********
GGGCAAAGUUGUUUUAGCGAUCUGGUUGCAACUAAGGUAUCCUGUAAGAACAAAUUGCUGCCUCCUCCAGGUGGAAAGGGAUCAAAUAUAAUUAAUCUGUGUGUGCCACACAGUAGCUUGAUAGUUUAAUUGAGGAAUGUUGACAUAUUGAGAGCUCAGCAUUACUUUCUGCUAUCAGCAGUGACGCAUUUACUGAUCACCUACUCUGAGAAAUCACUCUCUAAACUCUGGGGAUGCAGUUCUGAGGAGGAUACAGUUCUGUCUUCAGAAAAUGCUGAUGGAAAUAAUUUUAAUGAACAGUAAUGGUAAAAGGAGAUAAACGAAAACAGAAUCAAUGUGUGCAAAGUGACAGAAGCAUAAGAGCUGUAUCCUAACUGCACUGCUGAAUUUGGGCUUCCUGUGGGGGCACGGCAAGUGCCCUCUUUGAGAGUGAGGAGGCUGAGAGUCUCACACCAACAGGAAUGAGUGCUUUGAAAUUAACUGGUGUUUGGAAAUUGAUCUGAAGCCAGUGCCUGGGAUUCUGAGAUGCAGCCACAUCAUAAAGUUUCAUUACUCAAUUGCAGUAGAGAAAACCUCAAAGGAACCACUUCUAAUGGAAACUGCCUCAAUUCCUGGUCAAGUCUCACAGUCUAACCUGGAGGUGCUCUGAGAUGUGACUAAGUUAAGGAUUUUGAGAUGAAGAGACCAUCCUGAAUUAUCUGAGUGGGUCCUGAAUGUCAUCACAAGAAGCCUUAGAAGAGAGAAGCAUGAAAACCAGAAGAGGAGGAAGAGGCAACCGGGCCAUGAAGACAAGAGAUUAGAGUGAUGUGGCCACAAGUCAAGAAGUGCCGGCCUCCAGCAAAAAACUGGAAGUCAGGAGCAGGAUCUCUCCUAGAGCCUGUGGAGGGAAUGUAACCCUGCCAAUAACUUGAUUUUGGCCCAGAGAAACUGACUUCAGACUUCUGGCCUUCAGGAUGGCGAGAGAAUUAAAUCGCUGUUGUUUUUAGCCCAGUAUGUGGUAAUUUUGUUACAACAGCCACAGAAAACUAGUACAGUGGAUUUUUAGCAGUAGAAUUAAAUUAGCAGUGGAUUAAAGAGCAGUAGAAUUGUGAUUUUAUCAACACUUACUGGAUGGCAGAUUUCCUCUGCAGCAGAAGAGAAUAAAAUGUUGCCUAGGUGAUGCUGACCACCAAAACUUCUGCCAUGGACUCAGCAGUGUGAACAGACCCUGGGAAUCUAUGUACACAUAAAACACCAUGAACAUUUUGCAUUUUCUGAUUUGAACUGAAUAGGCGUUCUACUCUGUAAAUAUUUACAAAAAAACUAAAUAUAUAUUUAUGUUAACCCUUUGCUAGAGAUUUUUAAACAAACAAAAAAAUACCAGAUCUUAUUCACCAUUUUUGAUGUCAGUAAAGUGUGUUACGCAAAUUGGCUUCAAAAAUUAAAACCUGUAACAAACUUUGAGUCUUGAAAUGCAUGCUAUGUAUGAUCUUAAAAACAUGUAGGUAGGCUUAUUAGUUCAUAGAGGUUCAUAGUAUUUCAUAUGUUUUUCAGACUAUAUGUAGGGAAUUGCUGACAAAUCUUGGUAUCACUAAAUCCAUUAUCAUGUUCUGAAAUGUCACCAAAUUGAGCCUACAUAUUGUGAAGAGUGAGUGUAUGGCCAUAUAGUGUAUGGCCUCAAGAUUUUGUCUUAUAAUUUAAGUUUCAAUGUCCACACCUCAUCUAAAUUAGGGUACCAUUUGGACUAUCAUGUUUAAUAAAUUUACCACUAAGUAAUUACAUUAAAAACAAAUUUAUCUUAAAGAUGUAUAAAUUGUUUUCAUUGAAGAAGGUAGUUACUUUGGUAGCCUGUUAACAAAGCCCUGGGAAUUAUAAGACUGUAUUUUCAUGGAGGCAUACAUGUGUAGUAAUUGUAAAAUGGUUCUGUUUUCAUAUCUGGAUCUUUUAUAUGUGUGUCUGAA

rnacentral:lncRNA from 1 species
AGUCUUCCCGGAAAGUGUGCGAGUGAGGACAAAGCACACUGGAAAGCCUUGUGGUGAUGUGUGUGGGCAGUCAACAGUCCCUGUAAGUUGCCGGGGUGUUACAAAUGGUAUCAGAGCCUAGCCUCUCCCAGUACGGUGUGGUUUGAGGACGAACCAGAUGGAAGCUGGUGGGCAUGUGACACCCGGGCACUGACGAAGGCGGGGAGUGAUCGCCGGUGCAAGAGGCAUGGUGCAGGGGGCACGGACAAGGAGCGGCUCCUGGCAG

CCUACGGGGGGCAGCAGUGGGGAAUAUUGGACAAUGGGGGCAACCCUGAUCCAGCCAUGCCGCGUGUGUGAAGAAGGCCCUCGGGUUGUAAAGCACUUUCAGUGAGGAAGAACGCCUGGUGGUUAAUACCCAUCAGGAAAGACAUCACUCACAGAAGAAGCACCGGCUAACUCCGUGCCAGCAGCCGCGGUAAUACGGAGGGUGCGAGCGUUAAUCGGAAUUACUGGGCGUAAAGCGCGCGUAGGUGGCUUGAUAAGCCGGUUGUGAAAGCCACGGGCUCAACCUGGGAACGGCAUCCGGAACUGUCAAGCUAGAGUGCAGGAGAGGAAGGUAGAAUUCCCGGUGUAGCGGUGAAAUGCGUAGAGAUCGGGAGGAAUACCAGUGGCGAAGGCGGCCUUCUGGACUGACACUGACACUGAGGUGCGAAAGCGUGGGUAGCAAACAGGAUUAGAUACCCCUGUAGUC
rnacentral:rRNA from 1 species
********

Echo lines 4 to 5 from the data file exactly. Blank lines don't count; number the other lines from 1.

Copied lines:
CCUACGGGGGGCAGCAGUGGGGAAUAUUGGACAAUGGGGGCAACCCUGAUCCAGCCAUGCCGCGUGUGUGAAGAAGGCCCUCGGGUUGUAAAGCACUUUCAGUGAGGAAGAACGCCUGGUGGUUAAUACCCAUCAGGAAAGACAUCACUCACAGAAGAAGCACCGGCUAACUCCGUGCCAGCAGCCGCGGUAAUACGGAGGGUGCGAGCGUUAAUCGGAAUUACUGGGCGUAAAGCGCGCGUAGGUGGCUUGAUAAGCCGGUUGUGAAAGCCACGGGCUCAACCUGGGAACGGCAUCCGGAACUGUCAAGCUAGAGUGCAGGAGAGGAAGGUAGAAUUCCCGGUGUAGCGGUGAAAUGCGUAGAGAUCGGGAGGAAUACCAGUGGCGAAGGCGGCCUUCUGGACUGACACUGACACUGAGGUGCGAAAGCGUGGGUAGCAAACAGGAUUAGAUACCCCUGUAGUC
rnacentral:rRNA from 1 species